But we must remember that telemedicine is not the practice of medicine, but a tool for the delivery of care. And it’s a tool with a proven track record and support in the medical community.

In Texas, the Medical Board received 203 comment letters from physicians and other interested parties affected by the rule change; only four spoke out against telemedicine. For specific concerns—such as prescribing practices—these elements that can be addressed and regulated without stopping the use of telemedicine altogether.

The question, as I see it, is whether a physician who has met a patient once for 15 minutes is better equipped to safely diagnose and treat a non-emergent issue on a weekend than a provider who practices via telemedicine regularly and is trained in the delivery of remote care.

Finally, we have to remember that the way we pay for healthcare – the fee-for-service model – is going away. We are moving to value-based-care, a model where outcomes and efficiencies are rewarded, not volume. Trying to preserve fee-for-service medicine by stymieing innovative business models will prove fruitless.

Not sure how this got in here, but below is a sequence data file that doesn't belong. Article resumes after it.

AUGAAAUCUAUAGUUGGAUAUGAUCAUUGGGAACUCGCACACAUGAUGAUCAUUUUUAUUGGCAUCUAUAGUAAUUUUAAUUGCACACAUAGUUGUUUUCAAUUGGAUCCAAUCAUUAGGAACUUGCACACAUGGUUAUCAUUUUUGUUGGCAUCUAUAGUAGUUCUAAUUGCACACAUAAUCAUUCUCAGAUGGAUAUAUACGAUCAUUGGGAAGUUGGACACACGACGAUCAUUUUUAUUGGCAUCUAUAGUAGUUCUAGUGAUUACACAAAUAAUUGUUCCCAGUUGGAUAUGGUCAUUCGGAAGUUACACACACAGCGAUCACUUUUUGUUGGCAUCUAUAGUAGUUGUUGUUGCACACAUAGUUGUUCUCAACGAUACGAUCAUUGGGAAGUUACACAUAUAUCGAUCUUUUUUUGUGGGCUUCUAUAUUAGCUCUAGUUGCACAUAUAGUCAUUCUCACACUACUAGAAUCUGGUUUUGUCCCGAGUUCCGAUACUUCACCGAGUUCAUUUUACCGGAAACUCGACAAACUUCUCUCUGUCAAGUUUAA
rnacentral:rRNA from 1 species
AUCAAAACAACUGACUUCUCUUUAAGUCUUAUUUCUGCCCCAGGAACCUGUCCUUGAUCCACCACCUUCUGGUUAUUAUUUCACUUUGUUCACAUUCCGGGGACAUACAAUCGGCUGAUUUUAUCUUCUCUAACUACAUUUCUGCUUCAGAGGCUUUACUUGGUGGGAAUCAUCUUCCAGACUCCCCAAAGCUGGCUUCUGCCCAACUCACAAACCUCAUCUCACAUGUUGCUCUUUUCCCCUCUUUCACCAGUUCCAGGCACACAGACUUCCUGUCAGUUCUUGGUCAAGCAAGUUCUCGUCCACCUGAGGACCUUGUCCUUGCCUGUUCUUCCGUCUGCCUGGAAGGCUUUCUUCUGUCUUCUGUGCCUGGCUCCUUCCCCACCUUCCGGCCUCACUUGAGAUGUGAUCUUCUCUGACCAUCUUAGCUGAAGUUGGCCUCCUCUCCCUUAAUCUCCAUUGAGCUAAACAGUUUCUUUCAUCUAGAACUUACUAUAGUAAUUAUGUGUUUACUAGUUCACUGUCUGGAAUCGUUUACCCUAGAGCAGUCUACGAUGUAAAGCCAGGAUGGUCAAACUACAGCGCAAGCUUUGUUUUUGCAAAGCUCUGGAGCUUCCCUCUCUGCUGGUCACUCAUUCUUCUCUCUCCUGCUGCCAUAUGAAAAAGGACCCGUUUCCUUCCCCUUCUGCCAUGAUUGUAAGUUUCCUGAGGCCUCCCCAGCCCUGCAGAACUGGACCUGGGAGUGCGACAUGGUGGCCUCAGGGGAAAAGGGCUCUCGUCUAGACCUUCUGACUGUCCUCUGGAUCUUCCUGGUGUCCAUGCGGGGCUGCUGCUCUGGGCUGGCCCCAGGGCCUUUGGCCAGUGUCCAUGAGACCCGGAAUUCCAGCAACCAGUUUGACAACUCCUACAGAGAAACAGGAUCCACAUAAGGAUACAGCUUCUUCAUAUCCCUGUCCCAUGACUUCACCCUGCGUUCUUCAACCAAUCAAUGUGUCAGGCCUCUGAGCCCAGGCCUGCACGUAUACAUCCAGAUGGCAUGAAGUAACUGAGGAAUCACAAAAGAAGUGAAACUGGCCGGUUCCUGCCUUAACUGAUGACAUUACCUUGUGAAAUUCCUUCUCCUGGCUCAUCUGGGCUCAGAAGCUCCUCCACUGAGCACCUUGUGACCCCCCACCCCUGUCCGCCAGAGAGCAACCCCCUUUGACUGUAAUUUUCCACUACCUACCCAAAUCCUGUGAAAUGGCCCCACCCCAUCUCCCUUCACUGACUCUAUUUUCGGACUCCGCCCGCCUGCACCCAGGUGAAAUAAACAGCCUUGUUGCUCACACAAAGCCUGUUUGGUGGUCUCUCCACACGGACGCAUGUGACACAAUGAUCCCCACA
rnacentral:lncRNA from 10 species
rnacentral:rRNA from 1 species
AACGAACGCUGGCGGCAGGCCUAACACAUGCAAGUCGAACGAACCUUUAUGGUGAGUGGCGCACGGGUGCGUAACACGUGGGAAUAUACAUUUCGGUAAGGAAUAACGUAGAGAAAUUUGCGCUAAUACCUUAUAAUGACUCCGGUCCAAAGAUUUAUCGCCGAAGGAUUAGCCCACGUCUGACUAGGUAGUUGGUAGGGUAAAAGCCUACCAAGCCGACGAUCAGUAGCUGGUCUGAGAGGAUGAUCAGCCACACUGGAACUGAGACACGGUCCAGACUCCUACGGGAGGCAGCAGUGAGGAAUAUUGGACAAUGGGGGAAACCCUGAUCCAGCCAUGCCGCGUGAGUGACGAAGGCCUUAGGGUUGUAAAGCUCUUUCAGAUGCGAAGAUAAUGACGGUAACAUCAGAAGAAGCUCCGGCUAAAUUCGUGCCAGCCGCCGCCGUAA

We call it practicing medicine for a reason. It is a constantly-evolving application of principles and judgment to do what is best in a series of patterned but ultimately unique interactions. As physicians, we get up every day unsure of what is to come, but knowing we must use the tools we have to do what is best for our patients. Telemedicine is a tool that in many instances is best for the patient, and in some cases is the only option for a patient.

It is time to do what is best for the patient and the healthcare economy and get online with telemedicine.

Bill Frist is a surgeon, businessman and former two-term U.S. senator representing Tennessee, serving as majority leader from 2003 until 2007. Frist is a member of the Board of Directors of Teladoc, a U.S. telemedicine provider. The company has filed a lawsuit against the Texas Medical Board over the new rules over the usage of telemedicine.